Telomeres

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Introduction

The field of telomere biology has been an active area of research in recent time, especially so following the work by Hayflick and Olovnikov. Expanding on his, Elizabeth Blackburn and Joseph Gall noticed that the end of the chromosomes from Tetrahymena thermophila contained the six base sequence TTGGGG iterated many times (Blackburn and Gall, 1978). Over the decades, literature has arisen that has revealed many things regarding telomeres. However, as with the case with many scientific endeavours, as one question is answered, another would arise. As a result, research in telomere biology has become one which many are deciding to take on.

We know that proper replication of the telomeric DNA at chromosome ends is critical for
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The main purpose of eukaryotic telomeres is to protect the genetic information at the ends of chromosomes from being shortened during DNA replication. This protective function of the telomere aims to safeguard chromosome ends from DNA degradation, DNA repair mechanism and to prevent end-to-end fusion between separate chromosomal ends; all of which will result in chromosomal instability, cellular senescence and apoptosis (O 'Sullivan and Karlseder, 2010). Since DNA replication can only occur in the 5’ to 3’ direction and requires a primer, it is not possible for DNA polymerase to replicate the 3’ ends of linear chromosomes, and the ends of the chromosomes would not be replicated. Telomeres are subsequently shortened during the process of replication; this way the coding section of DNA is preserved. Because of this, there is a strong implication between short telomeres and many age-related diseases (Harley, Futcher and Greider, …show more content…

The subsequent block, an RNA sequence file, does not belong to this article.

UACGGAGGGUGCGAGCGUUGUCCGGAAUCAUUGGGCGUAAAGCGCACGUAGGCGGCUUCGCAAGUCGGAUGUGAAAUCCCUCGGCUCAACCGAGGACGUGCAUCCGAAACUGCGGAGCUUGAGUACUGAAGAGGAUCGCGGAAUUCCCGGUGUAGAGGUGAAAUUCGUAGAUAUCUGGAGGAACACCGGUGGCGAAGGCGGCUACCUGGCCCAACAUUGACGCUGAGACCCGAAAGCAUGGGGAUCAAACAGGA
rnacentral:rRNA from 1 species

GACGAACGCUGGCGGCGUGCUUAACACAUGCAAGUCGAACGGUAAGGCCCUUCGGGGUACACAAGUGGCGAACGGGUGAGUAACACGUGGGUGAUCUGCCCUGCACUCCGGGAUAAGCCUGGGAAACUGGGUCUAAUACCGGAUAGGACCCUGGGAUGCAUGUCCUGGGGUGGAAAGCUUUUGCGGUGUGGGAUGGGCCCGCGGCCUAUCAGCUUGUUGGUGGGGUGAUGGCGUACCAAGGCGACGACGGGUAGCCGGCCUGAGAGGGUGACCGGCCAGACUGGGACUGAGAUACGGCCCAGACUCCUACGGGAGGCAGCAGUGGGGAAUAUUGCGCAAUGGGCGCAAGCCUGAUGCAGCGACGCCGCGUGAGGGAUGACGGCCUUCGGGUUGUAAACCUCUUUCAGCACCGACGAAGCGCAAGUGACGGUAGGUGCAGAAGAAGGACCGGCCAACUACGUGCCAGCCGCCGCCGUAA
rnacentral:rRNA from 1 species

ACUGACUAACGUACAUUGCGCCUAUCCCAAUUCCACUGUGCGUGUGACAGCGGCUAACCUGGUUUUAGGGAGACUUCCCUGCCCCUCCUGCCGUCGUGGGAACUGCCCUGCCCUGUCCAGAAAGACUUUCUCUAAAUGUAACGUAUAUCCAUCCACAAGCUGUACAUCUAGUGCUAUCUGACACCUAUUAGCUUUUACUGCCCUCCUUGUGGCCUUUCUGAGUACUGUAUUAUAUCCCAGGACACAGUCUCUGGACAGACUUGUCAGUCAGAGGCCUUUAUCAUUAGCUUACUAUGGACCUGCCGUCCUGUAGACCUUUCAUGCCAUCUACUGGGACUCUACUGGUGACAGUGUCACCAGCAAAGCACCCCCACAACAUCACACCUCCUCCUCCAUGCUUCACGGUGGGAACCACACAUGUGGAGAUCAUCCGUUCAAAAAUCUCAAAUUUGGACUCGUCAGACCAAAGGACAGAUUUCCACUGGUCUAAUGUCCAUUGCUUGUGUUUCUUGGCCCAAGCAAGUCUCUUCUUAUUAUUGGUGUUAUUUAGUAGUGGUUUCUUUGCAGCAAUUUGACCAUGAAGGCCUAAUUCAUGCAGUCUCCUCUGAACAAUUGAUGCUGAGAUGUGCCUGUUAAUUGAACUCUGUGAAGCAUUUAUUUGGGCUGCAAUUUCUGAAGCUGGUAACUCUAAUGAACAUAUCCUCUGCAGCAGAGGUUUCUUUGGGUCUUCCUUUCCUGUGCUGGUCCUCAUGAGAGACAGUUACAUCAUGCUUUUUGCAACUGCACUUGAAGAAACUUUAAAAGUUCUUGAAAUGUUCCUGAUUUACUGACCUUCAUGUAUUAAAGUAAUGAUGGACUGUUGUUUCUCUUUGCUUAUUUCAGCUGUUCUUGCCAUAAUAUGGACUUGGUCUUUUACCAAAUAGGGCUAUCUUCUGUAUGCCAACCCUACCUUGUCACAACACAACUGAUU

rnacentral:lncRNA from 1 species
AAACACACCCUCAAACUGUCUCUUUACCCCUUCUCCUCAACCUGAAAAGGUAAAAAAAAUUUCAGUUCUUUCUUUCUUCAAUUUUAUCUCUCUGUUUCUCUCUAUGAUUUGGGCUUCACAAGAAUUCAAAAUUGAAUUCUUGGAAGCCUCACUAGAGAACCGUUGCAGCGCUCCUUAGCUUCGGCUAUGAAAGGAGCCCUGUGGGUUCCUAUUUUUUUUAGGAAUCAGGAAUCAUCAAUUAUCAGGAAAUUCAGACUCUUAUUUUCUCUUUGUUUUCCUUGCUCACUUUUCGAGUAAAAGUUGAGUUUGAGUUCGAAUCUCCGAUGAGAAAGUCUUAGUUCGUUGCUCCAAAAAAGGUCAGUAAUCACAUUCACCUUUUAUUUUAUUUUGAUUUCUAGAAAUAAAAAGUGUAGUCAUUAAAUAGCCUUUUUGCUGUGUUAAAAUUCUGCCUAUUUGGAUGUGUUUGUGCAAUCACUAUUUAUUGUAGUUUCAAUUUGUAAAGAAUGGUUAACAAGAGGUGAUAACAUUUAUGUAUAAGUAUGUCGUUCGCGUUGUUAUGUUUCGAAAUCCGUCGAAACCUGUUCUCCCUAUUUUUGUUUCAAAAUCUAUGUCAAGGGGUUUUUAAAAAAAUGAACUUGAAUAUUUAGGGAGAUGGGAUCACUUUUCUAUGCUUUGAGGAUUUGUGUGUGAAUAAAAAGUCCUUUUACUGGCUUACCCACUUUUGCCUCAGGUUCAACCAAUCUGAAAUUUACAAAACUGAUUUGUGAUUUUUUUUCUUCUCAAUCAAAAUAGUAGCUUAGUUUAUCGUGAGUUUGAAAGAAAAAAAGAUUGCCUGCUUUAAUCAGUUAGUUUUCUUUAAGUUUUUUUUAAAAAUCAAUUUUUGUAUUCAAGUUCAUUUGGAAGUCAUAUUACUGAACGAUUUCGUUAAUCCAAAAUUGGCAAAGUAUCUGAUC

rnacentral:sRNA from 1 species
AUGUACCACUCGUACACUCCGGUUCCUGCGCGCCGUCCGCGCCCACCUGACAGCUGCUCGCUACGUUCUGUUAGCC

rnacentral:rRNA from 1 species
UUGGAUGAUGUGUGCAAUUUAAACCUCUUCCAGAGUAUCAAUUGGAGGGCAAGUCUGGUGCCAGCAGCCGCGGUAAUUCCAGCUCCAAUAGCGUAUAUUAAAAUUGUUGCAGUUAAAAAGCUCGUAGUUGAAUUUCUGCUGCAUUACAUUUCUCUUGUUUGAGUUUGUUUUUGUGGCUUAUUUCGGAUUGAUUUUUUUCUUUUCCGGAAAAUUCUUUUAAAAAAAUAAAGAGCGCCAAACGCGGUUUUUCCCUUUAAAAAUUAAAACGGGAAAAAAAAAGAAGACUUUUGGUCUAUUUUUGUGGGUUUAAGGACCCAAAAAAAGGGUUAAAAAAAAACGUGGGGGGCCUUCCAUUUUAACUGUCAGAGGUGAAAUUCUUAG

Telomerase, due to its TERT sub unit, is an enzyme that has a reverse transcriptase function (Autexier and Lue, 2006). The TTAGGG repeat sequences can be added to each telomere structure since it can use a short RNA strand as a template to synthesise telomeric DNA repeat sequences at the end of chromosomes, lengthening the telomeric sequence, this was true in Tetrahymena thermophila (Blackburn, 1991). From Hayflick’s observation in 1965, it is now known that each somatic cell division shortens telomeres by up to 100 base pairs, and since most somatic cells do not contain telomerase, those cells will die after a certain number of cell divisions (Harley, Futcher and Greider, 1990). Interestingly, cancer cells contain telomerase, and therefore, they have the ability to proliferate new telomeric DNA

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